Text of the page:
Masson's drawings were a response to "the vegetal energy" of the tropics and included lyrical ink drawings of the island's dense vegetation and of its inhabitants fused with the jungle growth, literal illustrations of his thoughts on metamorphosis and the interconnectedness of all existence.  He drew the tangle of trees and vines as interchangeable with human limbs and bodies and long-fingered hands, recalling Goethe's view of the human as integral with nature, as one with the dynamic relationships of nature’s parts.  Also in Martinique he could see in actuality an "anthropomorphic" landscape, resembling those he had already drawn where "the hills transform themselves naturally into recumbent women stretched out and offering themselves."  This fusion of earth and female body recalls a stanza from Goethe's nature poetry:  

You must when contemplating nature

Attend to this in each and every feature

Theres nought outside and nought within

For she is inside out and outside in

Some of the ink drawings of foliage are made up of calligraphic strokes of his reed pen distributed on the paper's surface in a flat, all-over network made up of looping lines and brief staccato touches.  They convey a pervasive energy in which barely differentiated forms are subsumed.  This new all-over distribution of particles may correspond, intentionally or unintentionally, to Masson's interpretation of  Heraclitus' vision of "wholes and not wholes, convergent, divergent, consonant, dissonant, from all things one and from one thing all."  It will lead to the eliminating of the "vertical" and to the emphasis on surface that characterizes the telluric paintings of his American period.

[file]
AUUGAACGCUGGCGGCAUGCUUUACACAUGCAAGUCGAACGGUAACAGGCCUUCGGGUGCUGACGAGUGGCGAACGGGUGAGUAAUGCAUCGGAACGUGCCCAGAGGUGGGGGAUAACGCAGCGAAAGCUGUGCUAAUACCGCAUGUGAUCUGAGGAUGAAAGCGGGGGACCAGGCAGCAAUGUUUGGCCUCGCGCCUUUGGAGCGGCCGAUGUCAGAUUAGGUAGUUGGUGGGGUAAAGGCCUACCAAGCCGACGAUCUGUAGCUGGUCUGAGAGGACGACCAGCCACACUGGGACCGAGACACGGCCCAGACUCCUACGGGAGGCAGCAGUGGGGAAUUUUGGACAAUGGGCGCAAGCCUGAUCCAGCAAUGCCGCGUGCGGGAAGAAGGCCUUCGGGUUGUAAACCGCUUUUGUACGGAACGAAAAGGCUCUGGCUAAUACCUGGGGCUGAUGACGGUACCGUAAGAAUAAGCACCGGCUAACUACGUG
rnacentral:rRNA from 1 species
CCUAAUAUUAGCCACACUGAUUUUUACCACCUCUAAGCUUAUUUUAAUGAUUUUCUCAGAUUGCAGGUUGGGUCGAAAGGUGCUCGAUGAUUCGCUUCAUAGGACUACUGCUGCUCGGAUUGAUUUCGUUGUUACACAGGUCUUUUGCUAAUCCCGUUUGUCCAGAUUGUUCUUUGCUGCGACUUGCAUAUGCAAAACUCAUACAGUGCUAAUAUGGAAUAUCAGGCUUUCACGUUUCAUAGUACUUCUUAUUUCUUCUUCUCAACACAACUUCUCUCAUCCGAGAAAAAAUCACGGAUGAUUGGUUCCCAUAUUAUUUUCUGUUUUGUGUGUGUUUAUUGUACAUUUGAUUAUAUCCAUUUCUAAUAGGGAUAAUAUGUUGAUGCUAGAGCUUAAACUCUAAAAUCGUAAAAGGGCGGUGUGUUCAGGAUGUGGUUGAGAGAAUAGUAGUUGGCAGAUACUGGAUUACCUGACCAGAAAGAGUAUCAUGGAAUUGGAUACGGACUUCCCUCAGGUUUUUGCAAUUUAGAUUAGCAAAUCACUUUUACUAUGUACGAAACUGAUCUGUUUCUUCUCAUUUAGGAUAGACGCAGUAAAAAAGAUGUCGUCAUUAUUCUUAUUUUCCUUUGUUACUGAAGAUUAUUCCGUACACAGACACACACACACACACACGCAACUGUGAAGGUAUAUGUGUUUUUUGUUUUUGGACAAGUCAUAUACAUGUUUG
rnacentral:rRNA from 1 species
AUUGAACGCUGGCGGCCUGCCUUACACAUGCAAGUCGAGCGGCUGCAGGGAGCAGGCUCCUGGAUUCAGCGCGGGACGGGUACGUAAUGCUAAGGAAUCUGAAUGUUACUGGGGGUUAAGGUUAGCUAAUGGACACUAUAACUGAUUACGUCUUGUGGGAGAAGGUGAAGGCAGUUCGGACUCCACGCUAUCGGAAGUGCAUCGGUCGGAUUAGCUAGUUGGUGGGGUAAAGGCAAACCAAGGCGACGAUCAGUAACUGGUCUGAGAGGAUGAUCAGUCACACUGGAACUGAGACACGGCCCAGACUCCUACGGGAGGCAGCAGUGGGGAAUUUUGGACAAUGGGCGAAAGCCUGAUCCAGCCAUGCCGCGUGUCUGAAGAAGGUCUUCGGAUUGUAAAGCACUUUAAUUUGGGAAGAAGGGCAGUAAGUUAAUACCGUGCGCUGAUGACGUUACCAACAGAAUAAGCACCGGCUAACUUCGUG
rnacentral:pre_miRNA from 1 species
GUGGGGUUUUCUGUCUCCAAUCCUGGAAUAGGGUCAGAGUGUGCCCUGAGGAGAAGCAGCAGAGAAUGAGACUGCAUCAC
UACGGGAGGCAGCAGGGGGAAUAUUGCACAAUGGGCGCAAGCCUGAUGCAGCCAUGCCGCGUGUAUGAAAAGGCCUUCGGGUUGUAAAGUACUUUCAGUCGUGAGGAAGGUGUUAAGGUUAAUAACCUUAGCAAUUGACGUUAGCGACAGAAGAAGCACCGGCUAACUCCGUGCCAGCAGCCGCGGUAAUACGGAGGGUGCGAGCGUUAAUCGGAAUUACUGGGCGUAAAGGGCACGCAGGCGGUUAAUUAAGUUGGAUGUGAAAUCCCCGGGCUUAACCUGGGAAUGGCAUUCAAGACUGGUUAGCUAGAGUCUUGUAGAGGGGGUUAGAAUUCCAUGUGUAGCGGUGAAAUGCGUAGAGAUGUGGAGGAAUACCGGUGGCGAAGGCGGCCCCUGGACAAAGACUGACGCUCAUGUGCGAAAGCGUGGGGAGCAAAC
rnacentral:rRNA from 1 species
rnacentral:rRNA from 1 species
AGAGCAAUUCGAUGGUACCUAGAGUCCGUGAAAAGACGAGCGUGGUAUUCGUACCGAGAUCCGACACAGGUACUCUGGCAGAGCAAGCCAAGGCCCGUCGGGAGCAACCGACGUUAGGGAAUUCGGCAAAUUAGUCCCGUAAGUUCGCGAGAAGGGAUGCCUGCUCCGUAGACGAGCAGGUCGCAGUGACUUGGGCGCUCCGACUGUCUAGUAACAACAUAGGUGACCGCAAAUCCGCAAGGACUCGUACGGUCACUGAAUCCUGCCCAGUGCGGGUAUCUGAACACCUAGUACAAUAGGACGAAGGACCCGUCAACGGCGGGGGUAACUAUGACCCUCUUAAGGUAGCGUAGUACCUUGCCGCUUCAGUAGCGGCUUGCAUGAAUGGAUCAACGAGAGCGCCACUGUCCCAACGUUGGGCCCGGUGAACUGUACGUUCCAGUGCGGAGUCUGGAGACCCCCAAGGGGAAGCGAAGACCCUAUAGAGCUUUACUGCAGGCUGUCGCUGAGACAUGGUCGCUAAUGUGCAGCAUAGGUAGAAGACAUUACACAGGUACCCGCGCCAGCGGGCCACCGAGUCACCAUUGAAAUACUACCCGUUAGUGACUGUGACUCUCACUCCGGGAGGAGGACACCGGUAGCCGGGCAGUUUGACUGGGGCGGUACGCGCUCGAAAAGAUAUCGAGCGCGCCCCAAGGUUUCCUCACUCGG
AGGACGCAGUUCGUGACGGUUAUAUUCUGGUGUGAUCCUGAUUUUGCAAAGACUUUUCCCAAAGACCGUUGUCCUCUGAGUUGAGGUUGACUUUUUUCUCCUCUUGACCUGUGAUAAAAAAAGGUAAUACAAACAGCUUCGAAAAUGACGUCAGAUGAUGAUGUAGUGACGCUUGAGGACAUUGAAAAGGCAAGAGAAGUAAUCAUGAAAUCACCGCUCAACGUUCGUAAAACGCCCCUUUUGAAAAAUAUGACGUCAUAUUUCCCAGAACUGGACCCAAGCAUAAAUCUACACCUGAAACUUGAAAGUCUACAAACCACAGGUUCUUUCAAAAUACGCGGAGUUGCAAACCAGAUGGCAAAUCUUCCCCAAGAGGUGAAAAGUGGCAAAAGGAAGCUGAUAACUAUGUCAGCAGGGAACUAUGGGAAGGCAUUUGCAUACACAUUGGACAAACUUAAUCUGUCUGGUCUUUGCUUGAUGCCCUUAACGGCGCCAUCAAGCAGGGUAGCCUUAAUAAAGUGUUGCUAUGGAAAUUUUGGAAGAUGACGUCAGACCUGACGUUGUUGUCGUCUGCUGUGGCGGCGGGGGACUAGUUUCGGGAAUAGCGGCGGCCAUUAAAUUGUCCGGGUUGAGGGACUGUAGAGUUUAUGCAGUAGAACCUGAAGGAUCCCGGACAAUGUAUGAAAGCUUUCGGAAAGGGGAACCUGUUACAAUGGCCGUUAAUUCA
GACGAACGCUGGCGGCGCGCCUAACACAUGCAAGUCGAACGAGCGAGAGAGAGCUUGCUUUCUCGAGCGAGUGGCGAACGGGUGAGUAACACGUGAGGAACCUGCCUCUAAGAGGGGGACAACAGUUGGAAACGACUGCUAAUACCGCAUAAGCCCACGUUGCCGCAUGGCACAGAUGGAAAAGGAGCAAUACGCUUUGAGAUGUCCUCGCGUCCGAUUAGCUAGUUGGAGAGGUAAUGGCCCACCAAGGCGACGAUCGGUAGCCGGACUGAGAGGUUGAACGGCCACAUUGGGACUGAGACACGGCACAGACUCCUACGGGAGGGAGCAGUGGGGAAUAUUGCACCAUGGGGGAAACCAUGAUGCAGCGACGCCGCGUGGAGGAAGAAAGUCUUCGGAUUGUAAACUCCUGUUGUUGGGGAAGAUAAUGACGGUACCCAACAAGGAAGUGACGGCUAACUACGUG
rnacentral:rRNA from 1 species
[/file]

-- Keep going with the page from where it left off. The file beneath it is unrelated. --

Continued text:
Following an inauspicious arrival in New York where they stayed briefly in a hotel, the Masson family moved to a rented house in Washington, Connecticut, which Louisa Calder helped them find.  This small village, which Masson liked to call "Washington d'ici," was located in a rural area about 100 kilometers north of New York City.  In the early fall he and his family moved to a converted barn in the neighboring village of New Preston, which the artist described in a letter to Kahnweiler as "tres Fenimore Cooper."  He also described his surroundings as typifying the "pays sauvage de Chateaubriand," seeing it perhaps in the light of the novelist's romantic exaggeration and allowing his imagination to re-populate the region with Iroquois when actually the local Weantinock Indians were affiliated by language with the Algonquins, not the Iroquois, and the survivors lived on a reservation in the town of Kent a short distance away.  He noted in detail both in writing and in his art the many indigenous forms of animal and plant life, from wildcats and tortoises to the gigantic weeds among the tomato plants in his Potager or Victory Garden.  The Masson sons, Diego and Luis, recall their years in New Preston as a time of running free in the woods, climbing the hill in back of the house, and swimming in the nearby lake, without much parental interference.